Sharing South African Literature – Hobart and William Smith Colleges \
The HWS Update

Sharing South African Literature

South African Literature is making its way to Seneca Falls thanks to Thelma Pinto, assistant professor of Africana studies. On March 3 at 7 p.m., Pinto will offer her expertise to the surrounding community by giving a lecture in the “Everybody in Seneca Falls Reads 2009” at the Seneca Falls Library. Her talk will focus on women’s narratives during and after the Apartheid in South Africa.

“In the history of South Africa, the two groups that are most often left out are black South Africans and women. However, women were doing a lot of writing, from fiction to poetry to plays. Despite their active writing, women’s narratives are still not being heard. In rewriting and re-visioning South African history, these narratives are crucial,” Pinto said.

As a scholar, Pinto has spent years studying and publishing on these narratives. “Right now, I’m working on a paper on cosmopolitanism and South African Women’s Literature,” she said. “I’m working with a colleague from Japan on a book focused on South African literature.”

Lending her expertise to eager readers in Seneca Falls, Pinto will delve deeper into these narratives when she delivers this second of two lectures. At the talk, Pinto will offer her insights of Post-Apartheid South Africa based on Rayda Jacobs’ “Confessions of a Gambler.”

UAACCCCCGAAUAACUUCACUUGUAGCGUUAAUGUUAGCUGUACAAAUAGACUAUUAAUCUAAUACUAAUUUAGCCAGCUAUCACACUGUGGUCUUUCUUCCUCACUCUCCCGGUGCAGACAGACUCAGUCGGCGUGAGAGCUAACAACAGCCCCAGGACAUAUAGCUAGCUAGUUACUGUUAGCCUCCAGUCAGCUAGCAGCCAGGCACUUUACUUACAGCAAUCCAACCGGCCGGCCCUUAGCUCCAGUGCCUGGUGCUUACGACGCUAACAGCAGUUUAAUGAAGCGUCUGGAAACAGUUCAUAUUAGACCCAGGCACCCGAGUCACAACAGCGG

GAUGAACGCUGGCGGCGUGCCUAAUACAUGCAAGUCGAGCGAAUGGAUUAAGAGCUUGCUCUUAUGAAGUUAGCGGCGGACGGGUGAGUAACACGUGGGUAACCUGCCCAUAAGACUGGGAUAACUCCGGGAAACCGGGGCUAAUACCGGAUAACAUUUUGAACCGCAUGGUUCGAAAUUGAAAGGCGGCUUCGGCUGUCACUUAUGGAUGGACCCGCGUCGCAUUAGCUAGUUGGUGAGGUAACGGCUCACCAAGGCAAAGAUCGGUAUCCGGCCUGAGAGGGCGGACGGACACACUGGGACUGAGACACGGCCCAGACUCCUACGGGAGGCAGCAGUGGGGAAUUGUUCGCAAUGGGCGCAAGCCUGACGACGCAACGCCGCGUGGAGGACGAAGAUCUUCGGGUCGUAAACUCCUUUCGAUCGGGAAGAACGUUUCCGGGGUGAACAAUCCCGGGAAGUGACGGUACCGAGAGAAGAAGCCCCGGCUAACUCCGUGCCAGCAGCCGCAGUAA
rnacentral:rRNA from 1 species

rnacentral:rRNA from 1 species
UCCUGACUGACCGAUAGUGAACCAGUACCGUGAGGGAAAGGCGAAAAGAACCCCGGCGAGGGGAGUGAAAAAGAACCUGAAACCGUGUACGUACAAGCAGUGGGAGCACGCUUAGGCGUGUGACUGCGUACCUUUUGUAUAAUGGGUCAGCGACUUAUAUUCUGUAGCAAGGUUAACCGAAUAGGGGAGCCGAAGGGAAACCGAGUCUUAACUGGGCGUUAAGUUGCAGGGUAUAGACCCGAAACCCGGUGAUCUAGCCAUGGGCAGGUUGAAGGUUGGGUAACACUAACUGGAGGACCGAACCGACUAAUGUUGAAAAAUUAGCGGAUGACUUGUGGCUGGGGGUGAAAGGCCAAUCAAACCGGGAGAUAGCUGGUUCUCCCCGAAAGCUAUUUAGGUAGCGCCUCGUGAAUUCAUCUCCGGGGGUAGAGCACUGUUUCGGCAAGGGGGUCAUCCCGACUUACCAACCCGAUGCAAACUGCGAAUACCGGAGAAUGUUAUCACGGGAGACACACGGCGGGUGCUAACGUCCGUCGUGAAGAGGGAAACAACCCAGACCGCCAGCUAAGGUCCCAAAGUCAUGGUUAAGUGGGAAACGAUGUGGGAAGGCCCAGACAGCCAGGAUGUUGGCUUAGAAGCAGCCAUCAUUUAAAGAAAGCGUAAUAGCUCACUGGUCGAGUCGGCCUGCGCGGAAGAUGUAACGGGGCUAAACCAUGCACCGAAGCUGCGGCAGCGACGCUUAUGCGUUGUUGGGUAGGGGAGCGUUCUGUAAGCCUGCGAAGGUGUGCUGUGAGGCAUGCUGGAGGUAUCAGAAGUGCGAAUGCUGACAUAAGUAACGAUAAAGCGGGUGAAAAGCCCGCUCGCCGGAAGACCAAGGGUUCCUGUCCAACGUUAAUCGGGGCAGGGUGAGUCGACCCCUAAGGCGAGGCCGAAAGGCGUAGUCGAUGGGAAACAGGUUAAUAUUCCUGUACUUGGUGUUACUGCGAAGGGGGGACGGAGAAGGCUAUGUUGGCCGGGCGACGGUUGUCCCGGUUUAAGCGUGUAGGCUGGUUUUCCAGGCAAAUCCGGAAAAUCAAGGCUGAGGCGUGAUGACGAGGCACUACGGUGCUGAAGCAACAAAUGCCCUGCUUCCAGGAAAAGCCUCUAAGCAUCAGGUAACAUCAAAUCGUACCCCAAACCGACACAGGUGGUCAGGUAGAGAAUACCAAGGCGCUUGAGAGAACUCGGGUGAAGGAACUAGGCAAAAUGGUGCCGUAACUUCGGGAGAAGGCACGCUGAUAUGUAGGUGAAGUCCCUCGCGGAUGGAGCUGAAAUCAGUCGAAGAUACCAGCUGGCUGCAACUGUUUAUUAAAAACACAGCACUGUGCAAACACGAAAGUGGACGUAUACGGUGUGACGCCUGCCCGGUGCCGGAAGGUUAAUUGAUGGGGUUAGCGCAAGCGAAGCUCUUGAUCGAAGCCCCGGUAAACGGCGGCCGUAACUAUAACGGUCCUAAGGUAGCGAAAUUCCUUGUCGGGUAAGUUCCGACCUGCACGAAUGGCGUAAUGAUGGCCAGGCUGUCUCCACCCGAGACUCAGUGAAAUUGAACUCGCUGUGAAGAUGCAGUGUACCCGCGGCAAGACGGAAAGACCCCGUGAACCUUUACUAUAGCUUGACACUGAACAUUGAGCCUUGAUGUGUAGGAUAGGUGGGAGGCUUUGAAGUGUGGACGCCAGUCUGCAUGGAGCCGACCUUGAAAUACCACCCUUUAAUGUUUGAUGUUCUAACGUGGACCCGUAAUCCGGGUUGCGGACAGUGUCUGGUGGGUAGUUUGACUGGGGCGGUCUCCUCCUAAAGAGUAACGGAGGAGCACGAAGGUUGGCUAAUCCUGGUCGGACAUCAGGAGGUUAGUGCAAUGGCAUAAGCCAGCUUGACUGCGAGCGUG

“This novel is the first book to write about the Muslim community in Cape Town from a woman’s perspective,” Pinto explained. “It’s an important book in the context of where Muslims and Muslim women are because it provides an insider’s insights on the topic. It’s also a good point of comparison for Muslim literature world-wide.”

“I look forward to talking about the book for its perspective as well as the many taboos that it addresses, from AIDS to the social roles of men and women in Muslim society,” Pinto said. “I love literature. And it’s nice to be talking about this topic with people without a background in South Africa or literature.”

Pinto’s talk is funded in part by the NYS Council on the Arts Decentralization Program. To find out more about the events at the Seneca Falls Library, click here.

Joining the faculty in 2003, Pinto holds a doctoral degree from the Vrije Universiteit in Amsterdam, the Netherlands. She is the African Literature Association’s 2008 past president, 2007 president and 2006 vice president. In addition to her role in the Africana Studies Department, she is also the past director of the Self Instructional Language Program. Recently, Pinto published “South African Women: Narratives of Struggle and Exile” as a chapter in Women and Globalization by Delia D. Aguilar and Anne E. Lacsamana.

Pinto is an Editorial Board Member for the Third Speaker Series, which translated 150 books of African, Asian and Latin American writers into Dutch, including three poetry anthologies. She spent 27 years exiled in the Netherlands during the Apartheid of South Africa. During the year and a half that she lived in Zimbabwe in the 1980s, she  directed The Melfort Women’s Educational Centre and established an educational program for ex-combatant Zimbabwean women.